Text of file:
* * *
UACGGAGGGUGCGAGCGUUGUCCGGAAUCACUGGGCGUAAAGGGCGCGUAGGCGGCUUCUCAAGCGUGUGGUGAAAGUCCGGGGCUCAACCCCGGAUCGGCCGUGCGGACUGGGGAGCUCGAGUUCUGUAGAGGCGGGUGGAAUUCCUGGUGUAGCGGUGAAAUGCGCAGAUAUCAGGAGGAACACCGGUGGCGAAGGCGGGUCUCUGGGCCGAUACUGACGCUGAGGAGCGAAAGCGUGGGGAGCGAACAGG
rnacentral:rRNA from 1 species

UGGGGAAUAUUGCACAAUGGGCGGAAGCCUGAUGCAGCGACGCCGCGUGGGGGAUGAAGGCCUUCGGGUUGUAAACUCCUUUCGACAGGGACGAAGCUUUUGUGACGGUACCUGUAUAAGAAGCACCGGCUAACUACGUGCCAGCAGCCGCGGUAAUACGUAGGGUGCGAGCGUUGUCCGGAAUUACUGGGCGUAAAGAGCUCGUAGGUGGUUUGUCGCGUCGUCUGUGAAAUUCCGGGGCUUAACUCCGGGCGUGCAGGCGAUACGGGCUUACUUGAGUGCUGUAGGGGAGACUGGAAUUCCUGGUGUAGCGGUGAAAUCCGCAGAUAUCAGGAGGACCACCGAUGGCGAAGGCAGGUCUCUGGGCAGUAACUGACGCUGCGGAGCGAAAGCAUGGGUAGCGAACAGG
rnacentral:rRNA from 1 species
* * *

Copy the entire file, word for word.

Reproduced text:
UACGGAGGGUGCGAGCGUUGUCCGGAAUCACUGGGCGUAAAGGGCGCGUAGGCGGCUUCUCAAGCGUGUGGUGAAAGUCCGGGGCUCAACCCCGGAUCGGCCGUGCGGACUGGGGAGCUCGAGUUCUGUAGAGGCGGGUGGAAUUCCUGGUGUAGCGGUGAAAUGCGCAGAUAUCAGGAGGAACACCGGUGGCGAAGGCGGGUCUCUGGGCCGAUACUGACGCUGAGGAGCGAAAGCGUGGGGAGCGAACAGG
rnacentral:rRNA from 1 species

UGGGGAAUAUUGCACAAUGGGCGGAAGCCUGAUGCAGCGACGCCGCGUGGGGGAUGAAGGCCUUCGGGUUGUAAACUCCUUUCGACAGGGACGAAGCUUUUGUGACGGUACCUGUAUAAGAAGCACCGGCUAACUACGUGCCAGCAGCCGCGGUAAUACGUAGGGUGCGAGCGUUGUCCGGAAUUACUGGGCGUAAAGAGCUCGUAGGUGGUUUGUCGCGUCGUCUGUGAAAUUCCGGGGCUUAACUCCGGGCGUGCAGGCGAUACGGGCUUACUUGAGUGCUGUAGGGGAGACUGGAAUUCCUGGUGUAGCGGUGAAAUCCGCAGAUAUCAGGAGGACCACCGAUGGCGAAGGCAGGUCUCUGGGCAGUAACUGACGCUGCGGAGCGAAAGCAUGGGUAGCGAACAGG
rnacentral:rRNA from 1 species